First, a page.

Size, Shape and Support Effects on the Catalytic Activity of Immobilized Nanoparticles
Degree GrantorUniversity of Canterbury
Degree NameDoctor of Philosophy (PhD)
Abstract: A brief overview of this PhD thesis, The emergence of nanotechnology has stimulated both fundamental and industrially relevant studies of the catalytic activity of noble metal nanoparticles. Palladium, ruthenium and gold are well known catalysts when used in nanoparticle- based systems. This body of work endeavoured to investigate the catalytic activity of these noble metal nanoparticles through three studies as a briefly overviewed below.
Study 1: Palladium is a well-known catalyst, even in bulk phases, but its high cost had driven industry towards its use in nanoparticle- based systems well before nanotechnology had attracted the attention of the media. Palladium nanoparticles often show remarkable catalytic activity and selectivity, particularly for the hydrogenation of some unsaturated hydrocarbons, such as alkenes, alkynes and unsaturated carbonyl compounds. The nature of supports can affect the catalytic activity and selectivity of metal-support interaction. Natural polymeric supports, such as wool, can be suitable for new generation of composite materials incorporating nanosized metal nanoparticles and have the added advantage of being “environmentally friendly”. Catalytic hydrogenation of cyclohexene to cyclohexane by palladium nanoparticles immobilized on wool was demonstrated by using a Parr high pressure hydrogenation set-up. The efficiency of the process was explored over loading rates from 1.6% to 2.6% of palladium nanoparticles (by weight) with a variety of particle sizes. Optimization of the reaction conditions including, stirring rate, amounts of reactants, gas pressure and target temperature, led to series of catalytic activity tests carried out for 5 or 24 hours (each) at 400psi H2 and 40 oC using a stirring rate 750 rpm. Product mixtures were analysed using gas chromatography (GC-FID) to determine conversions. Samples S1 and S2 proved to be the most active catalysts because the average Pd particle size was around ~5 nm and the particles were more accessible for the reactant (i.e., Pd particles were on the surface of wool). However, under the catalytic testing conditions studied, wool (Pd/wool) did not show advantages over commercially used palladium nanoparticles on activated carbon (Pd/C).
Study 2: Ruthenium fabricated as noble metal nanoparticles can be catalytically active for hydrogenation of organic compounds. However, a challenging issue for researchers is that Ru nanocatalysts can be spontaneously deactivated due to effects, such as sintering or leaching of active components, oxidation of noble metal nanoparticles, inactive metal or metal oxide deposition and impurities in solvents and reagents. Calcination of noble metal nanoparticles is one option for reactivation of Ru nanoparticles immobilized on SiO2 (Ru/SiO2) utilized as nanocatalysts in chemical reactions. In fact, the catalytic activity of noble metal nanoparticles is known to be proportional to the active part of the surface area. The effects of calcinations on catalytic activity of “shape- specific” 0.1 wt% Ru/SiO2 for hydrogenation of cyclohexene to cyclohexane were investigated. Optimization of calcinations by varying temperature and time proved to be effective on the activity of nanocatalysts retaining the Ru nanocatalysts shapes for the hydrogenation of cyclohexene. Product mixtures were analysed using gas chromatography (GC-FID) to determine conversions. The Ru catalysts showed the highest activity (100%) when they were activated by calcination following protocol No.1 in a furnace under the mildest reductive conditions studied (temperature = 200 oC for 1 hour, which was the shortest calcination time). HRTEM study showed only minor deformation of the Ru nanoparticles and minimal aggregation for this type of activation.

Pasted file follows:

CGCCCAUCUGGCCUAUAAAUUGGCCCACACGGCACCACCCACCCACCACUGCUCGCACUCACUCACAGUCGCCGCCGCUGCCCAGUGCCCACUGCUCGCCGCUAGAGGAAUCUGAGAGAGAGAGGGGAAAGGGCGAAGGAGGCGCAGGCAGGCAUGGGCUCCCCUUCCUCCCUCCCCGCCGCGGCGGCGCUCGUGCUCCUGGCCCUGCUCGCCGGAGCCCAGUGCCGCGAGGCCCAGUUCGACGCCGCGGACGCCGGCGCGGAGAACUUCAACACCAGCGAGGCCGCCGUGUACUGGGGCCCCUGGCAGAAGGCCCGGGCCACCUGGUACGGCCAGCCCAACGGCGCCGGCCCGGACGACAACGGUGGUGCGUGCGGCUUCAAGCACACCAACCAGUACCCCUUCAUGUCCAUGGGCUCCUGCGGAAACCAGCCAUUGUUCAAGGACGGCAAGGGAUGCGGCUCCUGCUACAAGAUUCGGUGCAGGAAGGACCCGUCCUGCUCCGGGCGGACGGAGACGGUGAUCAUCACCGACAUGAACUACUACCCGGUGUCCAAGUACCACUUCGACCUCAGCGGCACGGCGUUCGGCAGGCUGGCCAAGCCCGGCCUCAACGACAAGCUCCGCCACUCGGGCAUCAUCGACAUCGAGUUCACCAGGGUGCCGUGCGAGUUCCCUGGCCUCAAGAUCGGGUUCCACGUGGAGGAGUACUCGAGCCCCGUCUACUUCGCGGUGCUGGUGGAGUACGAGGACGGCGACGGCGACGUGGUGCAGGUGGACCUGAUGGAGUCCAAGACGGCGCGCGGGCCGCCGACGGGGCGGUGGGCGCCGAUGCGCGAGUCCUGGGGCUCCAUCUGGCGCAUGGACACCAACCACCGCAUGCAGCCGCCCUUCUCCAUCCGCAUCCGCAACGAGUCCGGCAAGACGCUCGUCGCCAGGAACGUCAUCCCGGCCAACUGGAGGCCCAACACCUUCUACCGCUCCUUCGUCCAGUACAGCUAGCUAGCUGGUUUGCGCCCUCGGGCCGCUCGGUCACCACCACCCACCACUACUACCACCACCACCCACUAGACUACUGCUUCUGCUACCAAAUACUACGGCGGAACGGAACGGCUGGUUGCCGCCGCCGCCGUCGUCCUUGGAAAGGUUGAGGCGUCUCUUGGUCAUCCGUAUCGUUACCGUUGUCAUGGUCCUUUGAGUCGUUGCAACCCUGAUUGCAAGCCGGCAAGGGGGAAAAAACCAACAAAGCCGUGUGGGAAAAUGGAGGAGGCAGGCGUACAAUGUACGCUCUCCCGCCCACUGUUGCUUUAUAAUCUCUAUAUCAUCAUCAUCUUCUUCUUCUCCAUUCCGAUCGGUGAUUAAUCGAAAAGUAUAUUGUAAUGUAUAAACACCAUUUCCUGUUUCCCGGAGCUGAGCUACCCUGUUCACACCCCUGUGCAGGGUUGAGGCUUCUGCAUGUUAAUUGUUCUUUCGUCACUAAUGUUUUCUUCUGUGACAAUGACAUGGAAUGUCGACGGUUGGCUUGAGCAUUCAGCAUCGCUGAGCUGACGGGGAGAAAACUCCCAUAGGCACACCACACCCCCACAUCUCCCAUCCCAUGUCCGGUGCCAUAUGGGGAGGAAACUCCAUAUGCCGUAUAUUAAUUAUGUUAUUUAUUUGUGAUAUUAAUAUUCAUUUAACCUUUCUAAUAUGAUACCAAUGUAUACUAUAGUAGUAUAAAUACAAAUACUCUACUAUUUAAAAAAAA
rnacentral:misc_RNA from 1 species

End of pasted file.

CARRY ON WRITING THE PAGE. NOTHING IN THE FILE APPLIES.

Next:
Study 3: Supported gold nanoparticles have excited much interest owing to their unusual and somewhat unexpected catalytic activity particularly with the selective oxidation of organic compounds. Gold nanoparticles immobilized on Norit activated carbon (Au101/C) via colloidal deposition gave high selectivity of benzyl alcohol oxidation. The presence of a base (K2CO3) increased the catalytic activity of gold nanocatalysts (which was negligible in the absence of base) through dehydrogenation of the alcohol via deprotonation of a primary OH groups, and helped overcome the rate-limitation step of the oxidation process. The interaction between the gold species and the support was investigated by measuring change in catalytic activity with different activation methods (i.e., washing with a solvent at elevated temperature, and/or followed by calcinations). A mixture of benzyl alcohol as a reactant, methanol as a solvent, K2CO3 as a base and oxygen gas was studied by the activated gold nanocatalysts using a mini reactor set-up. The efficiency of the process was explored by varying the amounts of benzyl alcohol and the base, target temperature, metal loading of the gold catalysts rate and the solvent, between 3 and 24 hours at 73 psi O2 and a stirring rate (750 rpm). The samples of the reaction mixture were centrifuged and analysed by highperformance liquid chromatography (HPLC) to determine conversions. The effect of size on the catalytic activity was studied for different types of gold particles (Au101, Aunaked and Aucitrate) and clusters (Au8 and Au9) immobilized on powder Norit activated carbon. The highest activity of benzyl alcohol oxidation was observed for activated 1.0 wt% Au101/C catalysts (washed with toluene and followed by calcination under vacuum at 100 oC for 3 h) for ~3.5 nm gold particles. Additionally, the support effect was studied for gold particles immobilized on different types of carbons, such as Norit activated carbon (powder, granular and powdered) and mesoporous carbons (CMK-3, CMK-8 and NCCR-41), granular modified carbon (–SH and –SO3H groups) and Vulcan carbon. The highest activity was observed by activated 1.0 wt% Au101/C8 catalysts (washed with toluene and followed by calcination under vacuum at 100 oC for 3 h). Activated 1% Au101/C41 (washed with toluene followed by calcination under vacuum at 100 oC for 3 hours) with 2.6 ± 0.1 nm gold particle size showed the highest selectivity towards methyl benzoate as a main product (S%: 88%) after 3 hours reaction time. However, activated 1% Au101/C (calcination in O2 -H2 at 100 oC for 3 hours) with 6.6 ± 0.3 nm gold particle size exhibited the highest selectivity towards benzoic acid as a main product (S: 86%) after 24 hours reaction time.Therefore, particle size and type of carbon support can be considered as playing crucial roles in defining the catalytic activity of gold nanocatalysts which were used for benzyl alcohol oxidation.